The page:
But, it’s actually worse than this. The rorting, nepotism and incompetence that Morrison’s front bench showcases is with us for three more years.
Compounding my despair, journalists have given up any attempt at critical distance from the Morrison gravy train. The Fourth Estate has all but abandoned any pretext of holding the powerful to account and, instead Australia’s political stenographers have happily joined the political and economic establishment in punching down and pissing on the marginalised, the dispossessed and the working poor.
For most of the last seven weeks or so, the blowtorch of political journalism has been mostly focused on attacking the Labor opposition and letting the government enjoy an undeserved honeymoon period.
The news media is also exhibiting the classic symptoms of Stockholm Syndrome too. Acquiescing to attacks on press freedom and taking on the role of supplicant rather than fighting for its future. The lukewarm MEAA response to the raids on Annika Smethurst and the ABC newsroom is one disheartening example.
The lack of resistance from journalists in the face of blatant attacks on the public right to know is accelerating the rightward shift in public discourse.
So too is the looming culture war battle around so-called freedom of religion. It is a phony debate and religious freedom is not under attack, but it provides a useful ideological point of leverage for the conservative forces who are giddy with the fumes of triumphalism following Morrison’s surprise electoral victory.
The claim that Christians are being persecuted and prevented from espousing their idiotic doctrines and faith is hollow, but it is a cover for the coming offensive against progressive social forces, feminism, the LGBTQI+ community and probably also the Islamic community.
There is no doubt that the culture war around freedom of religion will also embolden the nascent forces of reaction and potential fascism and that Morrison and co will use these useful idiots to push public discourse in the direction of Trumpian abnormality as the new normal.
I’ve also noticed that the working class is increasingly being excluded from the public sphere. The trade union movement is under constant attack and has been effectively driven out of political debate. This is not a new mood, it is the result of both neoliberalism and the failure of the union leadership to stand and fight – with one or two exceptions, notably the CFMEU. We know Morrison wants to ramp up these attacks in coming months.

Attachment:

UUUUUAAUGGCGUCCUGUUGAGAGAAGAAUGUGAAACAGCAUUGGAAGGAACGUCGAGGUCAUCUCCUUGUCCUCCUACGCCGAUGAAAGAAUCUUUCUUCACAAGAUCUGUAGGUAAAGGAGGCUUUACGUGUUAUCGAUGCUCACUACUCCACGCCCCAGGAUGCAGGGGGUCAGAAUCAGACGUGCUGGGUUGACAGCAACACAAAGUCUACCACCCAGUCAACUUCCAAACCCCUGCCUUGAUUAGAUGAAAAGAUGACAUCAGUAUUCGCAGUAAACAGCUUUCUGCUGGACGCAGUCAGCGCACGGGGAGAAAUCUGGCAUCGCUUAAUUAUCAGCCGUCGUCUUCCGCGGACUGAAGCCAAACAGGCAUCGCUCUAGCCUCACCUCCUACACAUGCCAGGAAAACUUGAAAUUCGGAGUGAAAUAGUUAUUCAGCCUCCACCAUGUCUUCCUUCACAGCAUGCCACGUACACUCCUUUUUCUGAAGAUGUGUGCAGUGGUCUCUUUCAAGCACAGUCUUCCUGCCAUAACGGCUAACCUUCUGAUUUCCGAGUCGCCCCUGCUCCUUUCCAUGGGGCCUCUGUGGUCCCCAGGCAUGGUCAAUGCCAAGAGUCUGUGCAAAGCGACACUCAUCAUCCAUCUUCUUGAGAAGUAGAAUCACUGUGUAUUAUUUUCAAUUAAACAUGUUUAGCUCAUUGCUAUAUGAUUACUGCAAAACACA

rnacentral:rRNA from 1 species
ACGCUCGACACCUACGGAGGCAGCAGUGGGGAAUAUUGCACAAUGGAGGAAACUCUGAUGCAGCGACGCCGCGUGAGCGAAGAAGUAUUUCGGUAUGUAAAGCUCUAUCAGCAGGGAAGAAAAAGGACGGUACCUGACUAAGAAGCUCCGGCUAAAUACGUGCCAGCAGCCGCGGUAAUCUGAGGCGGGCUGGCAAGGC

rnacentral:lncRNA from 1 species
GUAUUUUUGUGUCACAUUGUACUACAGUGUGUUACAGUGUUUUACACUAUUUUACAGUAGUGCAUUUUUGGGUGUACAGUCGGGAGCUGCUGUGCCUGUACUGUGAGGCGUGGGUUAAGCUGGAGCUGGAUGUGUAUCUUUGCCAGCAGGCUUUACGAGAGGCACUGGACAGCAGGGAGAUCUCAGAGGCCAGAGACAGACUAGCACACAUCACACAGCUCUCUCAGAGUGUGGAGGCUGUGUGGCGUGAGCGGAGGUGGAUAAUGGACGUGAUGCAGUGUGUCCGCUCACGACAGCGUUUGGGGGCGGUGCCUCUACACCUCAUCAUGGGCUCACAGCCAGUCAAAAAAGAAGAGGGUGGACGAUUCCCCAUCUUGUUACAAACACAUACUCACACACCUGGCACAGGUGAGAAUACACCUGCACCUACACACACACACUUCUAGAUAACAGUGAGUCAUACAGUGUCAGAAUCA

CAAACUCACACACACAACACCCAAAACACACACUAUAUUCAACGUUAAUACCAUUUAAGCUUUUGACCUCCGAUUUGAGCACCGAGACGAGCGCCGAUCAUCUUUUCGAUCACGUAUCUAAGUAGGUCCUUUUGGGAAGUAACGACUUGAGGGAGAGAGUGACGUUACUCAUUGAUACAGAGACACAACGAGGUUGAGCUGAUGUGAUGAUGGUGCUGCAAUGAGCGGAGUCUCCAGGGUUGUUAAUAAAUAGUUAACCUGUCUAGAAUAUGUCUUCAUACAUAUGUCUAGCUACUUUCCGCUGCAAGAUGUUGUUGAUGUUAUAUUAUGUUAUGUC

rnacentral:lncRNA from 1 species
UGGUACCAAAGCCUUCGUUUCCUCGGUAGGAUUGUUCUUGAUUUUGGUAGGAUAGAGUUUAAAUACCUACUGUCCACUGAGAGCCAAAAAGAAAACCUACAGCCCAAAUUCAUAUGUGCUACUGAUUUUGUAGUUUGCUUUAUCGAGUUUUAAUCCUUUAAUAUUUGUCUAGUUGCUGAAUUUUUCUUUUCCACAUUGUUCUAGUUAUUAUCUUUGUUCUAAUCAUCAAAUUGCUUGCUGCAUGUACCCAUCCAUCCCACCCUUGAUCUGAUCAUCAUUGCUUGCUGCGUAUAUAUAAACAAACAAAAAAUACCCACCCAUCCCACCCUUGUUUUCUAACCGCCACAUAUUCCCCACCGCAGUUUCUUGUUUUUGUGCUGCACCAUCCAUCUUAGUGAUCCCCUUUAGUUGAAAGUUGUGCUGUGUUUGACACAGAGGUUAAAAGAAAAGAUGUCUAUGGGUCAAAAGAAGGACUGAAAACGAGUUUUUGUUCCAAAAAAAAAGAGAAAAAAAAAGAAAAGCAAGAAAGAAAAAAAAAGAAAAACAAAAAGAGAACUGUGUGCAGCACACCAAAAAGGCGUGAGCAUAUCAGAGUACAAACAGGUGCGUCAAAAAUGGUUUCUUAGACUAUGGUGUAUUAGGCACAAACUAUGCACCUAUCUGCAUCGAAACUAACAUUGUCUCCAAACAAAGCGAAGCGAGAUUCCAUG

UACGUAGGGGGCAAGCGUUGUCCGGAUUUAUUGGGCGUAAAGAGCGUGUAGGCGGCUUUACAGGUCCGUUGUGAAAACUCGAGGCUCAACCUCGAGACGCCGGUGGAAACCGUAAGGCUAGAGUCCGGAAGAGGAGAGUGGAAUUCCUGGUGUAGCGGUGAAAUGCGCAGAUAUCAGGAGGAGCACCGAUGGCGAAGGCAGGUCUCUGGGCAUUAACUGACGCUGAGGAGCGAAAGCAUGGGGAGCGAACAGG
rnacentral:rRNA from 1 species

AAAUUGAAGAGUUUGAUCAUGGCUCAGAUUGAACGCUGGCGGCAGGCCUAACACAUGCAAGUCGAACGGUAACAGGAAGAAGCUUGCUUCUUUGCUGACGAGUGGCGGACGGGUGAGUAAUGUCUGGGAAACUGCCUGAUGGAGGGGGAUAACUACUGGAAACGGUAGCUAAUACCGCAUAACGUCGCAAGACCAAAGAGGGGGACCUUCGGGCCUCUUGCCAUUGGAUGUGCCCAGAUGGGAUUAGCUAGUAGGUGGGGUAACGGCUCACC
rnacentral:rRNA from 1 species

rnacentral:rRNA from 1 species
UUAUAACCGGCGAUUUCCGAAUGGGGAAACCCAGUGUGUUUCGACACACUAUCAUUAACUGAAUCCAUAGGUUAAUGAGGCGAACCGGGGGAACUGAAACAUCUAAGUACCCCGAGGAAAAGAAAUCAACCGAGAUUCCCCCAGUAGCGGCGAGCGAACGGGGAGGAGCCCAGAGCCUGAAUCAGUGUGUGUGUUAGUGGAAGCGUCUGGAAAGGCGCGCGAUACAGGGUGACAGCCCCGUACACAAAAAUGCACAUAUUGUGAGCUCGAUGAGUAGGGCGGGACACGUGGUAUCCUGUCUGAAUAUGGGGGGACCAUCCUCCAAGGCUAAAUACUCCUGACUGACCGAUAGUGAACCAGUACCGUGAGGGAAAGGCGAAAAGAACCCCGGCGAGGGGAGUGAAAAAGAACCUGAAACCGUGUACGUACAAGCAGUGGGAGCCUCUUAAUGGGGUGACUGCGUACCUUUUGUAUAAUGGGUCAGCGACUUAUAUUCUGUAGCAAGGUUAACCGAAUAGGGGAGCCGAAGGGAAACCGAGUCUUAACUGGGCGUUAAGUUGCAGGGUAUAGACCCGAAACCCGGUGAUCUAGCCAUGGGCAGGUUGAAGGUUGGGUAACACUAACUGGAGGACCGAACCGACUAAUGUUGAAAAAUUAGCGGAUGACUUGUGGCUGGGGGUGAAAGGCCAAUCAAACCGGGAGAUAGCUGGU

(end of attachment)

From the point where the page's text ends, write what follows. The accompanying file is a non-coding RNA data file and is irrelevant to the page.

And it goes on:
I have been feeling disheartened and disempowered by all of this bad news and that’s why this week, I was looking for an emotional escape through the stupefying effect of drugs.
No more opiates for me!
I know that self-medication with dangerous poisons is not the answer and I have had that realisation brought home to me in no uncertain terms this week.
I have bounced along the bottom again since the election, but I am grateful that I have come to my senses now. My little lapse was the jolt I needed.
I have overcome my writer’s block and I’m planning a series to expand on some of the ideas I’ve thrown out here for your consideration.
I have also found some new determination.
I have overcome the effects of Morrison’s gaslighting; and I’m immune to his use of religion as an opiate for the masses as noted by Karl Marx:
Religion is the sigh of the oppressed creature, the heart of a heartless world, and the soul of soulless conditions. It is the opium of the people.
I’ve never been addicted to the opiate of religion, but Scott Morrison is not going to turn me into a junkie again either.
I’m a fighter, not a quitter and self-medicating with booze or narcotics is a symbol of defeat, not strength.
I intend to become more politically active, not less; and I also intend to live as closely as possible to this injunction from chapter one of The Communist Manifesto:
All that is solid melts into air, all that is holy is profaned, and man is at last compelled to face with sober senses his real conditions of life and his relations with his kind.